Saturday, August 29, 2009


Evaluation of enemy strength is not an absolute, but a matter of piecing together scraps of reconnaissance and intelligence to form a picture, if possible a picture to fit preconceived theories or to suit the demands of a particular strategy. What a staff makes out of the available evidence depends upon the degree of optimism or pessimism prevailing among them, on what they want to believe or fear to believe, and sometimes upon the sensitivity or intuition of an individual. -Barbara W. Tuchman-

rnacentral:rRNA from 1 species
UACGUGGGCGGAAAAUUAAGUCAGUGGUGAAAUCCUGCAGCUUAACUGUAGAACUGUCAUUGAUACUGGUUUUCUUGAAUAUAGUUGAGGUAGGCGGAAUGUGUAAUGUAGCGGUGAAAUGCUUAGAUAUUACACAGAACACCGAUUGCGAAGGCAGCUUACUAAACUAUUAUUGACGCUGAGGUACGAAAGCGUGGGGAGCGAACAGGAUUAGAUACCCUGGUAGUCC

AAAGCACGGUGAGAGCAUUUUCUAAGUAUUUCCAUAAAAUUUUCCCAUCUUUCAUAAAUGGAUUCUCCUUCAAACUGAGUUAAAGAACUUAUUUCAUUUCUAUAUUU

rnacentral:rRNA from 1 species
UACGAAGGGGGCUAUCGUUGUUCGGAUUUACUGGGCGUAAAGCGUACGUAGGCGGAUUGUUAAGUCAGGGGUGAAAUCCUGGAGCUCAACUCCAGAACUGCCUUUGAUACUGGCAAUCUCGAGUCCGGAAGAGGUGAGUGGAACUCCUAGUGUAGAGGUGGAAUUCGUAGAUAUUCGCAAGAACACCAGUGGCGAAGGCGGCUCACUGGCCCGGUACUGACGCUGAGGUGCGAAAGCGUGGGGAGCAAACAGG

It is impossible to pre-determine the decisions a person will make in any given situation. As people, when faced with decisions and situations we often deploy a variety of strategies and thought processes based upon a number of circumstances. I am fascinated by the notion that in a tough situation - how much my decision making has already been made up. Preconceived thoughts predicate certain actions to be more likely, while the degree of optimism (actually more likely pessimism with me) cant tilt me further or closer towards one side of those notions. The questions becomes, though, how do I make the best possible decision when I know that my preconceived thoughts, potential fears, and pessimism might all betray my ability to make that best possible decision? In other words, can I make a decision that is divorced from the forces within me that would unwittingly lead to a poor choice? A study of history showcases a long line of men & women who were unable to do so and thus sealed their doom/fate. The strongest decision makers seem to be the ones who are able to master themselves and rise about their own deficiencies in the process of decision making. Easier said then done.


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